Getting Others to Act

Daniel Pink

Lesson time 16:57 min

The key to getting someone to do something is to make them think it was their idea. Learn about the dangers of coercion and how to persuade others by finding common ground instead.

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Topics include: Don't Irritate, Agitate! · Motivational Interviewing · Bring Social Proof · Build an Off-Ramp


[00:00:00.00] [JAZZ MUSIC] [00:00:07.41] I think the single most important realization I've had about moving others is that the goal isn't to do something to somebody else. It's setting up a situation in which the other person can do something for themselves. That's a much more effective way of persuading that person. [00:00:27.66] One of things we know about human beings is that when human beings have their own reasons for doing something, they're more likely to do it, they're more likely to believe in the reasons for doing it, they're more likely to sustain that behavior. And so, in many ways persuasion is not some kind of magical thing that we do to manipulate people like some kind of crazy hypnotist. What we're doing is we're changing the context, and we're helping people summon their own reasons for doing something. [00:00:59.81] [JAZZ MUSIC] [00:01:06.48] One way to think about persuasion is to think about the difference between irritation and agitation. Irritation is trying to gets somebody to do something that you want them to do. Agitation is trying to get someone to do something that they ought to do, and ultimately will want to do. And what we know from a whole array of our lived experience and a whole array of evidence, is that agitation is better. [00:01:37.95] The most effective persuaders are not irritators, they're agitators. They help other people understand the context that they're in, and help them summon their own motivation for making a change, for doing things differently, for doing things in a different way. [00:01:56.41] So let's say that you're working on a project with a teammate, and you have a certain way that you want something done. You can irritate your colleague. And all of us who have had colleagues know that some people are very, very irritating. Why? Because they're controlling. They want you to do things their way all the time. And what I would suggest to you in those kinds of situations, where you might very well be right, is actually ask more questions as a way to agitate. [00:02:27.03] What would you think if we did x, y, or z? What do you think is the best way to do this? I'm thinking that we might want to go this way, but give me a strong argument for why we shouldn't do that. And if you think about that. If you just think about that example right there, in the first one where you're trying just you're just hectoring people, it's almost like you're kind of ping them in the chest, and nobody likes that. [00:02:53.79] With the agitation, you're making them a little uneasy. That's the whole point. You're agitating them a little bit, but it's a much more effective form of sparking their behavior, because they're forced to come up with their own kinds of motivations for doing something. They are more collaborators rather than puppets. [00:03:14.43] One way to think about the difference between irritation and agitation is that irritation is leading with your mouth, and agitation is leading with your ear...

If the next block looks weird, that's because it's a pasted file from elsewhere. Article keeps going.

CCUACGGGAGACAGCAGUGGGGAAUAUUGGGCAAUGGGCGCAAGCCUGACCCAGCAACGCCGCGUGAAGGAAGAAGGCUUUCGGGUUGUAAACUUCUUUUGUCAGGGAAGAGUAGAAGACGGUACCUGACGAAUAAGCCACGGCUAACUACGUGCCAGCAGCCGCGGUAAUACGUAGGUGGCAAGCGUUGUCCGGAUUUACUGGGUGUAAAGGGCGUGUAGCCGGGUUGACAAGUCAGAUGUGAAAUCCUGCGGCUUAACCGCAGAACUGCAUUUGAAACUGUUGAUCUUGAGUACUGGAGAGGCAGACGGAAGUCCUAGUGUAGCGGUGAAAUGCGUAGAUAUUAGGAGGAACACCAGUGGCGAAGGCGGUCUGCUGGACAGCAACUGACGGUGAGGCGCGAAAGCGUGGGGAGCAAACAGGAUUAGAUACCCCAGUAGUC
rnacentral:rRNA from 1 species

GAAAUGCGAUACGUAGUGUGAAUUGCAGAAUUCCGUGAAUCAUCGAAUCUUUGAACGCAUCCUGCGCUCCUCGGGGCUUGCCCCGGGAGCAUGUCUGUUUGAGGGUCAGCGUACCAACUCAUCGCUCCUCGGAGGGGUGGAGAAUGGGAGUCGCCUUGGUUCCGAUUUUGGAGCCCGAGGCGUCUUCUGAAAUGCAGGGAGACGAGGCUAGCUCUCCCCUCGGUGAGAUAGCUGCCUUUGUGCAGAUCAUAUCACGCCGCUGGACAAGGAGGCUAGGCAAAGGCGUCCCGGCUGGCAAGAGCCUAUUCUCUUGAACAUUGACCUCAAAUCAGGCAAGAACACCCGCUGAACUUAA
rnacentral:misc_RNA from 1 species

About the Instructor

With four NYT bestsellers, Daniel Pink is an influential voice in the evolving landscape of sales and motivation. Now the author of To Sell Is Human teaches you science-backed principles for effective and ethical sales and persuasion. Learn tactics for achieving better outcomes in any interaction—at home or at work—and tools for framing your message, navigating cognitive biases, and pitching ideas, products, or yourself.

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Daniel Pink

NYT-bestselling author Daniel Pink shares a science-based approach to the art of persuading, selling, and motivating yourself and others.

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